Commenting on a report published today which sets out the damage caused by failings in special educational needs and disability (SEND) provision, Rosamund McNeil, assistant general Secretary of the National Education Union, said:

“Dramatic funding cuts to local authority and school budgets have led to a loss in confidence for many parents that their child will receive appropriate SEND support.  For many the Education, Health and Care Plan (EHCP) is seen as the only way of accessing the education provision their child needs. Sadly, this doesn't always provide the golden ticket they are looking for.

“Schools have found it challenging to continue to remain inclusive in the face of widespread education and local authority funding cuts, leading to reduced support staff numbers and bigger class sizes alongside the ever-present testing and accountability culture.

“As the Public Accounts Committee report makes clear, the Government approach on support has let SEND children down. The report’s recommendations may begin to address some of the disparities, but the Covid-19 crisis offers a real chance to ‘build back better’ in education. Covid-19 means we have to put children's learning needs and interests at the heart of the offer in the classroom. We need inclusion to be the primary goal after Covid-19. In particular, we need to support staff to respond to children's behaviour and emotional needs very flexibly when they return or we will see a huge rise in exclusions.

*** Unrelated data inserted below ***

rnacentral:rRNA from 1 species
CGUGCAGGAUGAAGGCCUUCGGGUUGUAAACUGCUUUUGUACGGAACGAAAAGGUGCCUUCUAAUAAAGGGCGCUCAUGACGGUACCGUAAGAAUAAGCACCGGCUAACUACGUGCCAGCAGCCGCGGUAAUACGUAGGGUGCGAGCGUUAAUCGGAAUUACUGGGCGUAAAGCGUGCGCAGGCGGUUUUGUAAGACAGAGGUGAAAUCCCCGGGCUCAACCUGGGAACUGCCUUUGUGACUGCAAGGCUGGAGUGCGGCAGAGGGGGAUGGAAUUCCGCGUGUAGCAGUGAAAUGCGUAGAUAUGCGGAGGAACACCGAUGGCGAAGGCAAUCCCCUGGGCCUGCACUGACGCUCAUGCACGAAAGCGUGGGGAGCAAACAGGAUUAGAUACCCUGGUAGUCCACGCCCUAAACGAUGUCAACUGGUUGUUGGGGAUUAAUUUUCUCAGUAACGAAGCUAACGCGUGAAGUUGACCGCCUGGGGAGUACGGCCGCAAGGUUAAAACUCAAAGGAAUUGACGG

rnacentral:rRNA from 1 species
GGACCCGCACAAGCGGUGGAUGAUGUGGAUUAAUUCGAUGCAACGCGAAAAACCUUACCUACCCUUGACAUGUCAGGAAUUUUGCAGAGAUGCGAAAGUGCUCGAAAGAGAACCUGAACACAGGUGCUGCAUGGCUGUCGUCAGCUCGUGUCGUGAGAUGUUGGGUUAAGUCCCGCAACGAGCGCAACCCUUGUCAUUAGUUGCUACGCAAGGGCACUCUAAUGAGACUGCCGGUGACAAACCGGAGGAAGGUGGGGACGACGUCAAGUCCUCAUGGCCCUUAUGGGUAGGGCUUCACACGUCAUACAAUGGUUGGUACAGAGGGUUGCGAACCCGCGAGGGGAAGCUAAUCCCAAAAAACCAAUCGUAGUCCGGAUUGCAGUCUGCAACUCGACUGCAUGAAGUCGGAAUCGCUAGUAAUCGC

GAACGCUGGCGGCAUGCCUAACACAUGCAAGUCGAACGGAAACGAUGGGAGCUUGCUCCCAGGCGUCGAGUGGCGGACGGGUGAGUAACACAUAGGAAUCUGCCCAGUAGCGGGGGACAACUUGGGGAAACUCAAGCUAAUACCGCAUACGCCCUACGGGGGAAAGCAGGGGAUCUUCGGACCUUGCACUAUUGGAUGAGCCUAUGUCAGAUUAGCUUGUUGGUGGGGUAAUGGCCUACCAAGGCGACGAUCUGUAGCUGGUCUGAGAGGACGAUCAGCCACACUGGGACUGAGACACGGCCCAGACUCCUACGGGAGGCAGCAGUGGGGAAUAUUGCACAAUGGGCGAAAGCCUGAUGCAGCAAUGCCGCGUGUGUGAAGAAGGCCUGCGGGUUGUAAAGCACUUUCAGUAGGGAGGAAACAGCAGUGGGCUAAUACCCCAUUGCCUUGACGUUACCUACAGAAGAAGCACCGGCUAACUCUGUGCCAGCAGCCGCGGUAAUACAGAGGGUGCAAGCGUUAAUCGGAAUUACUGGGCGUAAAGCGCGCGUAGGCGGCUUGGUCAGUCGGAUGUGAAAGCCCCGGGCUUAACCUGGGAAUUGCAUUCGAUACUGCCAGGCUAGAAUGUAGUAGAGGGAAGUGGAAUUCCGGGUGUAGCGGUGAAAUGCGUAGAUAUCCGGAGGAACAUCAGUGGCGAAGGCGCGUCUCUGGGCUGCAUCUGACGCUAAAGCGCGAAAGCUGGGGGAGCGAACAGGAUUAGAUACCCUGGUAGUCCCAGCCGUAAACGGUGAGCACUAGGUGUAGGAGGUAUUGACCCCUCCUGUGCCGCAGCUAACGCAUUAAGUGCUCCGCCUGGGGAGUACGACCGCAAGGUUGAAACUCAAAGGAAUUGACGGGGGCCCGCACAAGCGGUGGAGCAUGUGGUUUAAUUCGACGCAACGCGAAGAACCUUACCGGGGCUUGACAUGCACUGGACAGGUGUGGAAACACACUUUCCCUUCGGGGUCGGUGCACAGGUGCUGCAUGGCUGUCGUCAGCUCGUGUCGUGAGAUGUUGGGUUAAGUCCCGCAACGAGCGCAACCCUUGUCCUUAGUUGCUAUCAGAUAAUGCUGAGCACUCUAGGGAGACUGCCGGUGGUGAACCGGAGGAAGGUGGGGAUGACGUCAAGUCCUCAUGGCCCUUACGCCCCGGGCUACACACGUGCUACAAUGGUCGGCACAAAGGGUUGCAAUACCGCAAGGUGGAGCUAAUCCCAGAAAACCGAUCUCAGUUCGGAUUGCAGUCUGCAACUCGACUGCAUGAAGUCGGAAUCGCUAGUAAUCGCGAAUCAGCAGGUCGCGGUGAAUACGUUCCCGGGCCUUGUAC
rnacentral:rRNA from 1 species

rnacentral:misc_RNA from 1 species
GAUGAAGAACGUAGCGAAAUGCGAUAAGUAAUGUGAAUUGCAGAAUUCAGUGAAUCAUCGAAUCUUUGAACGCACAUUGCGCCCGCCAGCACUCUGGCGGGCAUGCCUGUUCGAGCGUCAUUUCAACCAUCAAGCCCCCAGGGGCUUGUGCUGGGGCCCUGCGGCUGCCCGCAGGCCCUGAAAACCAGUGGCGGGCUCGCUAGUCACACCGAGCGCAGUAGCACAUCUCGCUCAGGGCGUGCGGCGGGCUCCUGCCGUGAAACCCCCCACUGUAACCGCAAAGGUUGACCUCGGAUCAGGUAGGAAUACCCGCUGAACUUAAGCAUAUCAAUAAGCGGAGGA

“In order to address the inequalities in the system we need to place wellbeing and the creation of a sense of belonging in school communities firmly in the spotlight.  Let us respond to the current health crisis and the flexibility in the curriculum which it demands and take that forward with us to create a more inclusive approach to national policy.”